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Flippen Research

AS A RESULT OF TEEN LEADERSHIP, absenteeism went down and grades went up!

Cleburne High School (CHS) had been entering over 500 freshmen each year, yet graduating just half that number. Judy Senter, campus principal, implemented Flippen Group’s Teen Leadership curriculum in an experimental program for a targeted “at risk” incoming group of freshmen. As a result of the program, absenteeism went down, grades went up, and peer and teacher relationships formed. Because of the positive atmosphere, teachers and students alike looked forward to coming to school. All of these change began with a simple handshake.

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Sherwood, R. “It All Began With a Handshake.” Stephenville, TX: Tartleton State University; 2003.

Students who feel more connected to school are more likely to have positive outcomes

Efforts to improve child and adolescent health have typically featured interventions designed to address specific health risk behaviors, such as tobacco use, alcohol and drug use, violence, gang involvement, and early sexual initiation. However, results from a growing number of studies suggest that greater health impact can be achieved by also enhancing protective factors that help children and adolescents avoid behaviors that place them at risk. School connectedness is a particularly promising protective factor. Students who feel more connected to school are more likely to have positive health and education outcomes.

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Centers for Disease Control and Prevention. “School Connectedness: Strategies for Increasing Protective Factors Among Youth.” Atlanta, GA: U.S. Department of Health and Human Services; 2009.

SCHOOL CONNECTEDNESS IS PROTECTIVE AGAINST MOST HEALTH RISK BEHAVIORS

The main threats to adolescents’ health are the risky behaviors they choose. How their social context shapes their behaviors has been poorly understood. To identify risk and protective factors at the family, school, and individual levels, a cross-sectional analysis of interview data from the National Longitudinal Study of Adolescent Health was conducted. Eight areas were assessed: emotional distress, suicidal thoughts and behaviors, violence, use of cigarettes, alcohol, marijuana, sexual debut, and pregnancy history. It was concluded that both parent-family connectedness and perceived school connectedness were protective against most of these health risk behaviors.

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Adolescent Health Program, University of Minnesota (1997). “Protecting adolescents from harm. Findings from the National Longitudinal Study on Adolescent Health.” The Journal of the American Medical Association, Vol. 278 No. 10.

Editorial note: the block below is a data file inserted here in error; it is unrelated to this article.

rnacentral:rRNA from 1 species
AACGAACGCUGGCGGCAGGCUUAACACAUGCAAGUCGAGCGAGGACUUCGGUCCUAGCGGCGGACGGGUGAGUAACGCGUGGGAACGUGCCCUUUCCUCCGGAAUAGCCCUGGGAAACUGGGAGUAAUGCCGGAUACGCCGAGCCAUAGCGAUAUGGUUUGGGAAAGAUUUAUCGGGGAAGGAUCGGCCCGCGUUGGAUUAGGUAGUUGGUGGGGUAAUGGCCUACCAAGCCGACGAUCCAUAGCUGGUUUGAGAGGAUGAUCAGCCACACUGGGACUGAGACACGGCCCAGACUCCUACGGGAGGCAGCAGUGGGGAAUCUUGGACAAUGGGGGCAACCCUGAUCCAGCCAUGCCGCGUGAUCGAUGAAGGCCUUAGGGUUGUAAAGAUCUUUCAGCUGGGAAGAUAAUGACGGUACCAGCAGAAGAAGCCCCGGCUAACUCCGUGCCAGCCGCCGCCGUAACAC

Schools Implementing Capturing Kids’ Hearts Enjoyed a 41% Increase In Pro-social Skills And 33% Fewer Discipline Referrals Than Control Schools

Capturing Kids’ Hearts is a school-level intervention that impacts student behavior by enhancing school climate through improved relational and conflict management skills. Schools implementing Capturing Kids’ Hearts experienced on average a 22% decrease in discipline referrals whereas control schools experienced on average an 11% increase in referrals, a difference of 33%. In addition, students in intervention schools exhibited a 26% increase in pro-social behaviors associated with the training whereas students in control schools exhibited a 15% decrease in these behaviors, a difference of 41%.

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Holtzapple, “Research Summary of the 2008-2009 Randomized Controlled Trial: Effectiveness of the Capturing Kids’ Hearts Process.” 2009. Holtzapple, “BOCES & RCOE Final Report Summary,” January 18, 2010.

frequently asked questions regarding the research-based processes of the flippen group

FAQs Addressed: How did Capturing Kids’ Hearts begin? Why was it developed? What research undergirds Flippen processes? How can I get these processes on my campus? What does systemic implementation mean? Can I purchase Capturing Kids’ Hearts alone? What systemic packages are available? How can I see it in action?

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Flippen Group. “Research FAQ, January 2016.” Web March 2016.